This has been a week for St. Cyprian what with Pope Benedict using him as the basis of his catechetical reflection on last Wednesday. That has led to a small flurry of posts on Cyprian which I've watched smugly, realizing that I've already posted on Cyprian in previous post . Well, okay, I'm not really claiming Pope Benedict hopped on my bandwagon, but, I wonder....
Okay, in all seriousness, I was pleased to see the interest in St. Cyprian for pretty much the reason that I set out back in my earlier post. I really do think that St. Cyprian has an insight into ecclesiology and unity which we would do well to heed today. That Catholics appreciate this message, I think, goes without saying, even if I think that the quick identification of orthodoxy only with Rome is perhaps overstated. I don't want to open that particular can of worms today. Or, at least, I don't want to open it in quite the same way.
What I do want to talk about is how similar Cyprian's dilemma with Novatian is with the current multi-denominational universe. The dilemma for Cyprian in dealing with Novatian and his own confessors was that they were usually doctrinally orthodox, if, perhaps, a little too rigourous. The result was that it was not easy to accuse them of heresy on most of the normal grounds (gnosticism, docetism, trinitarian confusions etc). Rather they were schismatics which would seem to suggest a different order of problem.
We, moderns, want to separate schism and heresy, of course. We focus primarily on what constitutes orthodoxy, but what the term orthodox means today remains inherently slippery because the marks of orthodoxy shift and change according to the tradition, denomination and, yes, even the person involved. Given the fact that there is no one authoritative voice in Christianity (at least, undisputed; there are several claimants), it is difficult to know how one could find more precision in the term or in just what consitutes heresy or schism. All three of these terms are so fuzzy, I almost wonder that they continue to be used with any inherent meanings intact.
The reason for this fuzziness around thes terms may be that there remains no universally accepted Church, especially in the aftermath of the Reformation which fractured Western Christianity into a thousand pieces; many of which are busily splintering themselves into another thousand pieces. The result is a radical crisis of authority which afflicts all Christians even today. We all, Catholic, Orthodox and the whole variety of Protestants deal with the aftermath of this fragmentation every day and, contrary to the opinion of many, we are all responsible, not only for the initial divisions, but for their continuation. Not that there is any easy or neat solution.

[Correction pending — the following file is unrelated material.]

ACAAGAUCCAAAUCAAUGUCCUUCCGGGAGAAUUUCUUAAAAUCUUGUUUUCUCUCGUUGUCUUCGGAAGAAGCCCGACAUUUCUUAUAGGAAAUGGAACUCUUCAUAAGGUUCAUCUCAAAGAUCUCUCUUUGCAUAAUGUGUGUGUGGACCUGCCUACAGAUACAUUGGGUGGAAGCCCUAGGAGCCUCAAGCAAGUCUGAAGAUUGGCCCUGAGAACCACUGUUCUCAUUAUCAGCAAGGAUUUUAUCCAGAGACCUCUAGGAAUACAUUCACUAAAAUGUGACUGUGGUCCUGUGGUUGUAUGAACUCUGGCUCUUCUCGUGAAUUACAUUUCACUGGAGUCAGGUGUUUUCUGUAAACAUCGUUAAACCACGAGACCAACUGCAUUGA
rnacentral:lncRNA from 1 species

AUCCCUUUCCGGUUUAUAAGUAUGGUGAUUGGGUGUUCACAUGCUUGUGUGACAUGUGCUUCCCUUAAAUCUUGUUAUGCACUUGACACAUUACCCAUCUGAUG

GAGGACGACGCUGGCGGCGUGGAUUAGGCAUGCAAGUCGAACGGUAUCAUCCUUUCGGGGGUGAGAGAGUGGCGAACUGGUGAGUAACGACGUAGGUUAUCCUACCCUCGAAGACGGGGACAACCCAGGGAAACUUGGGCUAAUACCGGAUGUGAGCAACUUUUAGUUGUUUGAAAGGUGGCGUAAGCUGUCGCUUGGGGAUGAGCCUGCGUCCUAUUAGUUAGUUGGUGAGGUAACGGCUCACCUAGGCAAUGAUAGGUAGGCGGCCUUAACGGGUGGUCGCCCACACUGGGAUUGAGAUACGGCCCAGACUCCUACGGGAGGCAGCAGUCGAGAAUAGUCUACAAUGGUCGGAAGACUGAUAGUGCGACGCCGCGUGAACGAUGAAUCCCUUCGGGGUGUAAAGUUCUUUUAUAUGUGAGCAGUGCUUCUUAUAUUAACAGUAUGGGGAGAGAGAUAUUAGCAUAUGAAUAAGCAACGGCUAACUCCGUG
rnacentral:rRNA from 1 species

For Cyprian, however, the problem of schismatics and heretics was much easier to deal with for the very good reason that there was one central authority recognized within most of the Christian world: the undivided Church. That is, anyone outside the Church was, by definition, a heretic. Thus, it didn't matter that Novatian agreed with Cyprian on almost all doctrinal issues. His separation from the legitimately ordained Bishop of Rome made him a heretic; possibly because his ecclesiology which permitted him to break into schism was faulty or possibly because Novatian's unbending attitude to the lapsed suggests a disregard for the operation of God's forgiveness and grace.
Yet, today, I don't think we have the luxury of presuming an undivided Church. For that, we can blame the Reformation and its aftermath. But we can't shift the all blame for this solely on either the Protestants or the Catholics. By rights, the Catholic Church would have found within itself the ability to deal with the legitimate concerns of the early Reformers and conduct an internal reform along the lines the Cluniac reforms in the 11th century (yes, I know these were monastic reforms, but their impact was considerable on the mediaeval church). Of course, the Reformers were hardly patient enough to wait for the Church to hear their calls for reform nor were they wise in their choice of allies (German territorial princes, who were notorious for wanting to extending their own power at the expense of the Holy Roman Emperor).
This is, I think the reason why most mainline denominations including Roman Catholicism recognize that Christians of other denominations are recognizably Christian, even if our differences preclude full communion with them. After several hundreds years of sharp denomination differences, I think we are starting to recognize some of our common bonds again. The process is slow and painful, but, from time to time, we can see progress towards getting along with each other, even in our differences.
Where does that leave us? In pretty much the same place as we were when we started. The disunity of contemporary Christianity is an important reason why we are unable to convince people that the message we bear to the world is from God. In the past, Romans would look at Christians and say 'See how they love each other'. While we are getting better, I'm not sure we're causing people to think that, except in isolated pockets. I don't have a good solution, but the problem remains urgent if we take seriously our mission as Christ's people in this world.